Cream-Colored Ponies and Crisp Apple Strudels
When is a modal spell not a modal spell? When you only ever use one mode. And again, to be clear, this is a me thing. You might be usingto shut down activations or to steal 14/14 tokens made by a in every game. For me? 99% of the time was a and was a that was harder to cast.
Now, sometimes a modal card comes with a mode that you never use, but it doesn’t matter because the opportunity cost is nothing. I don’t think I’ve yet cast terrible card.for the +3/+3 mode. Nothing is lost by doing that, though, as even without that mode it’s still generally a better . I’d probably run Return if it was just the draw half of the card. That’s not true of ; I wouldn’t run it just for the counter at 1UU, and there is an opportunity cost being paid for not using the other modes, namely an extra mana over other alternatives each time I cast it. If you aren’t at least occasionally using it to something, it’s just a , and is a
As for, you do have the alternative to cast it as a draw effect if you don’t use the counter, so the mana you held up doesn’t go to waste, but UUU to draw 2 doesn’t feel particularly great, either. As with (and unlike ) it’s a card where that cost for those modes isn’t worth it alone. Also, I realized that, when I was playing it, the times I was willing to hold up mana for a counterspell, it was probably because I was trying to prevent something from happening, or happening to me, and just because that thing didn’t happen during that spin around the table didn’t mean I was willing to burn my only counterspell to draw two cards.
They’re both great cards, but for me and for how I’m building and playing they just didn’t work as well as the less expensives that almost always did the same thing as these spells but at a lower mana cost.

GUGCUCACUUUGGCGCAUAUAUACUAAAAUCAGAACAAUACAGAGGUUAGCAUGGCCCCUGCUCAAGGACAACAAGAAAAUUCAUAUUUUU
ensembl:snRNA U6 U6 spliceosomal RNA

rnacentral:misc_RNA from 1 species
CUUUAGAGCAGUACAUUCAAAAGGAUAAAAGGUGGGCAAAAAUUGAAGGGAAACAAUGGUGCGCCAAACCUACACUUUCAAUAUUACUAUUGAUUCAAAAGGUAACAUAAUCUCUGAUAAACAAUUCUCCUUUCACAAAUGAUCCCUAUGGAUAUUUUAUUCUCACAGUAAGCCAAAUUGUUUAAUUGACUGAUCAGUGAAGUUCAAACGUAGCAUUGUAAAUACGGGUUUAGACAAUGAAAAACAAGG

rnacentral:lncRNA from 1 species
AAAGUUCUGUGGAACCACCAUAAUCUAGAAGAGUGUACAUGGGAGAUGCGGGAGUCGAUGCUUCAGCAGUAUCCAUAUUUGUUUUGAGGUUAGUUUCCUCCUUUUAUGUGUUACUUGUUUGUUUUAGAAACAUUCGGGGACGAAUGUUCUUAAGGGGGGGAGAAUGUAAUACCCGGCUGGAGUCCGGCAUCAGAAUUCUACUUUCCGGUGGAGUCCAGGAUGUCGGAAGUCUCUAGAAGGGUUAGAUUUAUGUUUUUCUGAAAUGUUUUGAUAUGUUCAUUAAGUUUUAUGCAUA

Doorbells and Sleigh Bells and Schnitzel with Noodles
First off, don’t @ me with how great wheels are in your deck built to do powerful things with wheels. Yep, they’re excellent inor . They’re also excellent in decks that tend to empty their hand early and fast, or ones that want to fill their yard, or ones running things like that render them absurdly lopsided. Consider your glasses pushed up and me well-actuallied. Wheels, in the same vein as , and , are great in the right deck and in the right hands, and it’s entirely possible that, given is in 11,334 decks and is in another 13,773, there’re a whole lot of right decks and right hands out there.
It’s just that my decks aren’t those decks, and my hands aren’t those hands.
In my red decks (or even blue decks, to account for wheels likeand ) I’m not doing any of those things. My particular decks aren’t getting triggers from drawing or aren’t emptying their hands early, they’re not looking to play from the yard, or to Leovold anyone’s hand. What do wheels do in my decks? They give 7 new cards to me and 21 new cards to people trying to kill me.
That’s terrible math, at least for me in my decks.
These Are a Few of My Least Fav’rite Things
So what cards are out there that are generally absolute haymakers that just don’t quite work for you, specifically, and why is it that they don’t work? Sound off below, because hearing about specific instances is something I find really helpful when it comes to diagnosing problems and issues with brews and builds.
Until next time, may your numbers be superior!
Tymaret the Murder King: Infected Wounds